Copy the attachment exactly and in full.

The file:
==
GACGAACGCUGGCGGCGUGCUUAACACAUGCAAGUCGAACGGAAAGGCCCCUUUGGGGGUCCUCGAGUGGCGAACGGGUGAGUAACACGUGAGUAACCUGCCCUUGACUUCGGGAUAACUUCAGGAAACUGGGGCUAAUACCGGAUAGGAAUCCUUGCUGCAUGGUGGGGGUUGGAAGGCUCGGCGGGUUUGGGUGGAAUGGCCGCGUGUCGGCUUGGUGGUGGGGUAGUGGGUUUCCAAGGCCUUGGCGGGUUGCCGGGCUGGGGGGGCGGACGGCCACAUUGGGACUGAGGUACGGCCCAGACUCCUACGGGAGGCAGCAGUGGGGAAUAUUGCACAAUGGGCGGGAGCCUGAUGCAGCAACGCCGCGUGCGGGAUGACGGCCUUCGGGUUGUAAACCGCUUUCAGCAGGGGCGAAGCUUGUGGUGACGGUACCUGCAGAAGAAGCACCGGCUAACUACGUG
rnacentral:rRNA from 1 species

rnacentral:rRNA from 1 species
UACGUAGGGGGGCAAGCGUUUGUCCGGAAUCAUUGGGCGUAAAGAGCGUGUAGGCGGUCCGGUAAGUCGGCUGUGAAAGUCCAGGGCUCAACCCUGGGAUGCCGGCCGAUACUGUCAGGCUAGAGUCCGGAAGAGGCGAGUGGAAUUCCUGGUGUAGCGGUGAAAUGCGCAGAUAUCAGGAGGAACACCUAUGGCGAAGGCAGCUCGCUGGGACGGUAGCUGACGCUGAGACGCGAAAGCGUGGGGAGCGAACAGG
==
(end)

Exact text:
GACGAACGCUGGCGGCGUGCUUAACACAUGCAAGUCGAACGGAAAGGCCCCUUUGGGGGUCCUCGAGUGGCGAACGGGUGAGUAACACGUGAGUAACCUGCCCUUGACUUCGGGAUAACUUCAGGAAACUGGGGCUAAUACCGGAUAGGAAUCCUUGCUGCAUGGUGGGGGUUGGAAGGCUCGGCGGGUUUGGGUGGAAUGGCCGCGUGUCGGCUUGGUGGUGGGGUAGUGGGUUUCCAAGGCCUUGGCGGGUUGCCGGGCUGGGGGGGCGGACGGCCACAUUGGGACUGAGGUACGGCCCAGACUCCUACGGGAGGCAGCAGUGGGGAAUAUUGCACAAUGGGCGGGAGCCUGAUGCAGCAACGCCGCGUGCGGGAUGACGGCCUUCGGGUUGUAAACCGCUUUCAGCAGGGGCGAAGCUUGUGGUGACGGUACCUGCAGAAGAAGCACCGGCUAACUACGUG
rnacentral:rRNA from 1 species

rnacentral:rRNA from 1 species
UACGUAGGGGGGCAAGCGUUUGUCCGGAAUCAUUGGGCGUAAAGAGCGUGUAGGCGGUCCGGUAAGUCGGCUGUGAAAGUCCAGGGCUCAACCCUGGGAUGCCGGCCGAUACUGUCAGGCUAGAGUCCGGAAGAGGCGAGUGGAAUUCCUGGUGUAGCGGUGAAAUGCGCAGAUAUCAGGAGGAACACCUAUGGCGAAGGCAGCUCGCUGGGACGGUAGCUGACGCUGAGACGCGAAAGCGUGGGGAGCGAACAGG